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The impact of regulatory complexity upon self-regulation: Evidence from the adoption and certification of environmental management systems

The impact of regulatory complexity upon self-regulation: Evidence from the adoption and certification of environmental management systems
The impact of regulatory complexity upon self-regulation: Evidence from the adoption and certification of environmental management systems
This article focuses on environmental management systems (EMS) and aims to enhance our understanding of the relationship between environmental state regulation and self-regulation. Unlike previous studies that treat state regulation as uni-dimensional and focus on externally certified forms of environmental self-regulation, this article takes a more nuanced approach. It looks at how direct and indirect state regulation and its stringency influence both non-certified in-house and externally certified adoption of EMS. Methodologically, the study differentiates from previous research by acknowledging the interconnected nature of in-house and external certification decisions, viewing these decisions as sequential. Based on a survey of 2076 UK firms, findings show that effective environmental protection entails collaboration between environmental state regulation and in-house adoption of EMS. Results also reveal that externally certified EMS substitute for state environmental regulation, filling the void that results from weakening state regulation in the context of neoliberalism.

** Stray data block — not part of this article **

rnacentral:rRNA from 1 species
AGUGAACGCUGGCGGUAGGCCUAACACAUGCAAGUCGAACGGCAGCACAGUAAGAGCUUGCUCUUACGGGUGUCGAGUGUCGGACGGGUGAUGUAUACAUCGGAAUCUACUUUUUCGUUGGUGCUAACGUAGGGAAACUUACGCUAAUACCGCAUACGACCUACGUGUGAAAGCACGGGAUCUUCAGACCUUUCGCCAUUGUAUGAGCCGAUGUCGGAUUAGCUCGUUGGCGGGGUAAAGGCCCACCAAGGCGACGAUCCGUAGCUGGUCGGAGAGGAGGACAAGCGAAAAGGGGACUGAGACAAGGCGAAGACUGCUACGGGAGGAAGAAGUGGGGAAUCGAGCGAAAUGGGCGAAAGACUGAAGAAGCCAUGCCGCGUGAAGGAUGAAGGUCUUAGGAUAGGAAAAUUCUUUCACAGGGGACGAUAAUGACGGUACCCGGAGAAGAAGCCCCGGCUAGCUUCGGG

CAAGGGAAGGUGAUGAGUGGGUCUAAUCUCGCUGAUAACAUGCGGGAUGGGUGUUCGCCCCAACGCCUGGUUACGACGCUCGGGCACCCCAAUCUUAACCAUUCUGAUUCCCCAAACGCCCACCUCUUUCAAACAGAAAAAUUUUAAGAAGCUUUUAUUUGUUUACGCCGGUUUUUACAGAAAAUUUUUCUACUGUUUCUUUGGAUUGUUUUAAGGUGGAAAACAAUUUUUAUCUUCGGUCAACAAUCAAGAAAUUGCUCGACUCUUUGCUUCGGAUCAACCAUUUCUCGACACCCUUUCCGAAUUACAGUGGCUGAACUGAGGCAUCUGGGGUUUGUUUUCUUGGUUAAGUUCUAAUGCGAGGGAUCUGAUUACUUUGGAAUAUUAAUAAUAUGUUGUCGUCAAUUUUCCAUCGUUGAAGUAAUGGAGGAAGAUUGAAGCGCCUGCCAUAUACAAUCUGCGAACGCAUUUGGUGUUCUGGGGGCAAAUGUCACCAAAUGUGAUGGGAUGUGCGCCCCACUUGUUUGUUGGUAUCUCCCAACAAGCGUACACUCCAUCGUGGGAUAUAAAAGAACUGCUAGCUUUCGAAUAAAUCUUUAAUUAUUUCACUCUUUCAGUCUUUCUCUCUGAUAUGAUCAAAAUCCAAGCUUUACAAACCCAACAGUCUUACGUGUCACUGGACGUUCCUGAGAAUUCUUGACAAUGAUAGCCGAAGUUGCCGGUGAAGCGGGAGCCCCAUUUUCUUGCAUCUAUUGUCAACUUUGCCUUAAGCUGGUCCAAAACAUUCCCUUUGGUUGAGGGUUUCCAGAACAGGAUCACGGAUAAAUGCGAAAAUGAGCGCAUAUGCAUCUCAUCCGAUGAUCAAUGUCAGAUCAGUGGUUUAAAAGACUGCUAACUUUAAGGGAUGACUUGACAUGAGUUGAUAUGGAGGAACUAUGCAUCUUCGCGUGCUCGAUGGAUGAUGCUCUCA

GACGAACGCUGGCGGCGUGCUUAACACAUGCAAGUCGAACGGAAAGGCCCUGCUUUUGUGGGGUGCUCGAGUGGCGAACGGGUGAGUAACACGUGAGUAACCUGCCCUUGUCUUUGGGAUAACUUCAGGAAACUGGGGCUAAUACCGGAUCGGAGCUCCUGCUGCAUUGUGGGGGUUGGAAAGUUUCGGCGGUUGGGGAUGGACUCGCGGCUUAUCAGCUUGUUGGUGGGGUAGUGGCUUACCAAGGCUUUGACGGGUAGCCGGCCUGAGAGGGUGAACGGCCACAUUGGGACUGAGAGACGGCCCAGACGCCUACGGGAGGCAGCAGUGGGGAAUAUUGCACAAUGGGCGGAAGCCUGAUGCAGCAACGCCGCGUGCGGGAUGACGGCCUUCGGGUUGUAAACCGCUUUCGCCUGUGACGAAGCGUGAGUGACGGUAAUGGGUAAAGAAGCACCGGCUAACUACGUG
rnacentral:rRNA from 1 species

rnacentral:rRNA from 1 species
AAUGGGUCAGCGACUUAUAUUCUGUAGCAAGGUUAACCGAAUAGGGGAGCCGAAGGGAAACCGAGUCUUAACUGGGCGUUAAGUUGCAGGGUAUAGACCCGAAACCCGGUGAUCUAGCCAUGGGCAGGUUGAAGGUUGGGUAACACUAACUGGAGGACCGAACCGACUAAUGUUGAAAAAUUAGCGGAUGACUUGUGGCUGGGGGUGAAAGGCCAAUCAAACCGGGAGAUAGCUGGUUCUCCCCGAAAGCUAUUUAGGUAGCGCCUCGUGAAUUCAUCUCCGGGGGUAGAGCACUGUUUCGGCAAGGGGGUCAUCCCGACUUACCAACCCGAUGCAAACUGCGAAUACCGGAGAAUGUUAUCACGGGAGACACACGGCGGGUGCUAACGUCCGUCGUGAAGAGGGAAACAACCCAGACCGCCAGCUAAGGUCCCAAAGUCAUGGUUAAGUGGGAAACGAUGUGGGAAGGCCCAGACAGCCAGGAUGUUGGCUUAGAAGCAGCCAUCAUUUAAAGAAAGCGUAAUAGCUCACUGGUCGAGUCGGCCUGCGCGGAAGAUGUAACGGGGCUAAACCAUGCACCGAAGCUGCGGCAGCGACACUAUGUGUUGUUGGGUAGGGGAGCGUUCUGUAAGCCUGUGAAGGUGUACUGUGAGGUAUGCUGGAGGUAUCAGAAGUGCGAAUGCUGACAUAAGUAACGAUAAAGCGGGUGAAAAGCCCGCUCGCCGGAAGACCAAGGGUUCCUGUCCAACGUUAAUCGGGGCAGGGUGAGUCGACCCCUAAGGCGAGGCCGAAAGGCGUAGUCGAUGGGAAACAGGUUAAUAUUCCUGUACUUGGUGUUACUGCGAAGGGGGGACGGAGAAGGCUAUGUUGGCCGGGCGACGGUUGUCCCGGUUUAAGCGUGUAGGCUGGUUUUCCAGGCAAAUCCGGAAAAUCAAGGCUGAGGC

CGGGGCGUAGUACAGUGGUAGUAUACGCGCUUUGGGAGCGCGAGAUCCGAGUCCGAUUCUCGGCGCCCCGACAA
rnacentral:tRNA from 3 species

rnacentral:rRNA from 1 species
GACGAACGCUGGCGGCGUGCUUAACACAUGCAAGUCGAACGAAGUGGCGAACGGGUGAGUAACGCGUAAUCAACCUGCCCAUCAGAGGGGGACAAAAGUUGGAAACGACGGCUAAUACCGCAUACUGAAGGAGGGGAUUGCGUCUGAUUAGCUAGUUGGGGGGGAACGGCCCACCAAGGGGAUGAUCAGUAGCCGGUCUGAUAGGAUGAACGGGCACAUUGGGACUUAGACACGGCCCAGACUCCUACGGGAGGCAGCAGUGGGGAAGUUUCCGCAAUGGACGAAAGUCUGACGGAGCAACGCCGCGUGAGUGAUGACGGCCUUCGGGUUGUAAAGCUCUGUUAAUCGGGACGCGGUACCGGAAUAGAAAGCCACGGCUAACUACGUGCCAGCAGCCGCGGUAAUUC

0301-4797
80-91
Demirel, Pelin
687c839d-b7dc-4914-972a-293ab9f014c2
Iatridis, Konstantinos
e05bbd23-9038-4d68-b063-8d0477540e9b
Kesidou, Effie
deee411c-4252-4d80-8b6b-7e665577af00
Demirel, Pelin
687c839d-b7dc-4914-972a-293ab9f014c2
Iatridis, Konstantinos
e05bbd23-9038-4d68-b063-8d0477540e9b
Kesidou, Effie
deee411c-4252-4d80-8b6b-7e665577af00

Demirel, Pelin, Iatridis, Konstantinos and Kesidou, Effie (2018) The impact of regulatory complexity upon self-regulation: Evidence from the adoption and certification of environmental management systems. Journal of Environmental Management, 207, 80-91. (doi:10.1016/j.jenvman.2017.11.019).

Record type: Article

Abstract

This article focuses on environmental management systems (EMS) and aims to enhance our understanding of the relationship between environmental state regulation and self-regulation. Unlike previous studies that treat state regulation as uni-dimensional and focus on externally certified forms of environmental self-regulation, this article takes a more nuanced approach. It looks at how direct and indirect state regulation and its stringency influence both non-certified in-house and externally certified adoption of EMS. Methodologically, the study differentiates from previous research by acknowledging the interconnected nature of in-house and external certification decisions, viewing these decisions as sequential. Based on a survey of 2076 UK firms, findings show that effective environmental protection entails collaboration between environmental state regulation and in-house adoption of EMS. Results also reveal that externally certified EMS substitute for state environmental regulation, filling the void that results from weakening state regulation in the context of neoliberalism.

Text Demirel_Iatridis_Kesidou_JEM_2017 - Accepted Manuscript
Restricted to Repository staff only until 7 February 2019.
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More information

Accepted/In Press date: 7 November 2017
e-pub ahead of print date: 16 November 2017
Published date: 1 February 2018

Identifiers

Local EPrints ID: 415576
URI: https://eprints.soton.ac.uk/id/eprint/415576
ISSN: 0301-4797
PURE UUID: 8f401695-9279-4a51-983b-e382c2f2080d

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Date deposited: 15 Nov 2017 17:30
Last modified: 10 Feb 2018 17:30

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Contributors

Author: Pelin Demirel
Author: Konstantinos Iatridis
Author: Effie Kesidou

University divisions

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